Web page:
wmansir
22nd February 2004, 12:54
Pay it no attention. The article is pointless. Actually, that is not true. The point of the article is to bait users into a 'debate', raise 'controversy', and say:

http://www.brentroad.com/photos/00002633.jpg

Really if you look at the article and filter out all the jabs and baiting aimed at AMD enthusiasts, what is left of the article? What is the meat of the article? Not much. Definitely nothing that couldn't be boiled down into a single page, maybe a single paragraph. It's a pathetic, transparent attempt to get page views, and increase advert revenue.

PS. when did the forum start supporting inline pictures?

mf
22nd February 2004, 13:16
Originally posted by wmansir
PS. when did the forum start supporting inline pictures?
http://forum.doom9.org/showthread.php?s=&threadid=67184
:)

MfA
22nd February 2004, 21:53
It is very unlikely the PS3 will use something which resembles a PPC architecture, it might have one or two PPC cores for book-keeping chores ... but almost certainly most of the chip will be taken up by number crunching cores. Cell might use PPC, but it probably wont be quite the same thing.

If they go with a chip which is nothing but a bunch of PPC cores with SIMD extensions that will mean they will have gone with a backup plan (which would be a shame).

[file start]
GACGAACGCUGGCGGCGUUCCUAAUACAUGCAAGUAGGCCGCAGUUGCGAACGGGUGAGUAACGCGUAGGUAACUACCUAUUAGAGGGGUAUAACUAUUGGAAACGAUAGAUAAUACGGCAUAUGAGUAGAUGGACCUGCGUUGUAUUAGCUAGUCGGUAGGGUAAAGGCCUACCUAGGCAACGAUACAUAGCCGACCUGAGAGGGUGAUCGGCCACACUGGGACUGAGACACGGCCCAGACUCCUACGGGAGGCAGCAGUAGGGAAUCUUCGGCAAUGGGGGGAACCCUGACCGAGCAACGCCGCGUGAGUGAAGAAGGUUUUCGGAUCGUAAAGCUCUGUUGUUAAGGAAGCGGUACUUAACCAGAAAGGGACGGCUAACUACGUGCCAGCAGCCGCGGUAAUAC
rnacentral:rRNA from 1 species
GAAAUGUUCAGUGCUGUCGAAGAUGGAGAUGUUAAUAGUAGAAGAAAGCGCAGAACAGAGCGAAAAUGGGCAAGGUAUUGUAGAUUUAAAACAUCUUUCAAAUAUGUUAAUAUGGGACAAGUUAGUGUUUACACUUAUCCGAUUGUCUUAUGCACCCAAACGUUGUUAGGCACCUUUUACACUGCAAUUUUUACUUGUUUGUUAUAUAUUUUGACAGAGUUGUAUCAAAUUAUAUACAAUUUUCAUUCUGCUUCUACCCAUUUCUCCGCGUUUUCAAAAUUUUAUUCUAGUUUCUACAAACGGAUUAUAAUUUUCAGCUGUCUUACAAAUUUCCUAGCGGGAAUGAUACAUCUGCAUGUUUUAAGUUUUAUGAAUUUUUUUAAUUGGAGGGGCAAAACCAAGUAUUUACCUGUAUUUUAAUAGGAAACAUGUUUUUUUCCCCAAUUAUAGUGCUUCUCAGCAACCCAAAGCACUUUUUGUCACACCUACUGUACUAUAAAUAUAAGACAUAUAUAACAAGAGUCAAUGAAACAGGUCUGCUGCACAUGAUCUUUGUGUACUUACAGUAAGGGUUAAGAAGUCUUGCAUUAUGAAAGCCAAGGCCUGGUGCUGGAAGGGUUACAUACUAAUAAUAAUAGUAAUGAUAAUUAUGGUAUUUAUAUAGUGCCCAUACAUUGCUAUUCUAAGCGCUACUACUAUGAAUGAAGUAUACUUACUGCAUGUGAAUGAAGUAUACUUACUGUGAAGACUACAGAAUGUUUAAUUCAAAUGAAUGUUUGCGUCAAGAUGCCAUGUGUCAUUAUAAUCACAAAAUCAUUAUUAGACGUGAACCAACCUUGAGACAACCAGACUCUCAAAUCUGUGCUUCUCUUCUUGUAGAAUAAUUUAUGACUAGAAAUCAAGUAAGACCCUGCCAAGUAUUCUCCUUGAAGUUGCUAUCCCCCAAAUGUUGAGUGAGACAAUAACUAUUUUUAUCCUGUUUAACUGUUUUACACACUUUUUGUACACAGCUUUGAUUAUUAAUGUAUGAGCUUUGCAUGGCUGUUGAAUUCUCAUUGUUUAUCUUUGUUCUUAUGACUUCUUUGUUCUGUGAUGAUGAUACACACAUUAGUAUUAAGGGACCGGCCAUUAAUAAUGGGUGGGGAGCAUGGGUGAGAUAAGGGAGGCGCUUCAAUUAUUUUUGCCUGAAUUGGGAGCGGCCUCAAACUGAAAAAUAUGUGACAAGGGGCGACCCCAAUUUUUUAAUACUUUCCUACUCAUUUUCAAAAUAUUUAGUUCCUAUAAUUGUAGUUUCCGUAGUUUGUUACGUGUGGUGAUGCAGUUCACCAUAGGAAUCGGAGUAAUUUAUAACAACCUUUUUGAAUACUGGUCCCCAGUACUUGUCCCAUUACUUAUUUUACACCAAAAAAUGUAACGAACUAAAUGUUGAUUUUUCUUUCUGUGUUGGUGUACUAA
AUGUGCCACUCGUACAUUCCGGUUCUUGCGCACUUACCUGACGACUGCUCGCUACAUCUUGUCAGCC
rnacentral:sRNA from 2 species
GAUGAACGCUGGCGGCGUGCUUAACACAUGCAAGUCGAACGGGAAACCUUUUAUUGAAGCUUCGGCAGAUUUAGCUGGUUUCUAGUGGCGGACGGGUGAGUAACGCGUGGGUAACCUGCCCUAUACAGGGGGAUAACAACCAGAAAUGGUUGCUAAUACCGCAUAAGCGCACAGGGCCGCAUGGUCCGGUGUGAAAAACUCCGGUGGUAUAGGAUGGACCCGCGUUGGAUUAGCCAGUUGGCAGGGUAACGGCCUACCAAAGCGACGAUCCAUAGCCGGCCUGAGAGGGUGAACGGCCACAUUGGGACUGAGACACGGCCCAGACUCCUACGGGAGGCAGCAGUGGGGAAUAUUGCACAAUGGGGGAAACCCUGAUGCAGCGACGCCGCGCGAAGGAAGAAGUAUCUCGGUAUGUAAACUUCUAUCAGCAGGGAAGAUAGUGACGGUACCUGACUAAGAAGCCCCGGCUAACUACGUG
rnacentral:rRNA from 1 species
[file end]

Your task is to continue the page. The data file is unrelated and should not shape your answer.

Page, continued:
I would love a PC with a high end processor designed for number crunching instead of for legacy applications (this includes just about any desktop processor in existence, including the PPC). But I doubt we will see one surface soon, the closest thing for a while will be GPUs probably ... unless IBM starts targetting Cell at the desktop.

Sirber
22nd February 2004, 23:26
Omid Rahmat
General Manager, U.S. Operations
Omid has more than 15 years of experience in the PC industry. Most recently, he was vice president of corporate planning and communications at Expertcity Inc. Previously, he was an analyst and author specializing in digital media technologies. His articles have appeared in The Economist, San Francisco Business Journal, New Media, Game Developer and Interactivity. He is the co-founder of the GAMEXecutive Conference, a forum for executives in the electronic gaming industry.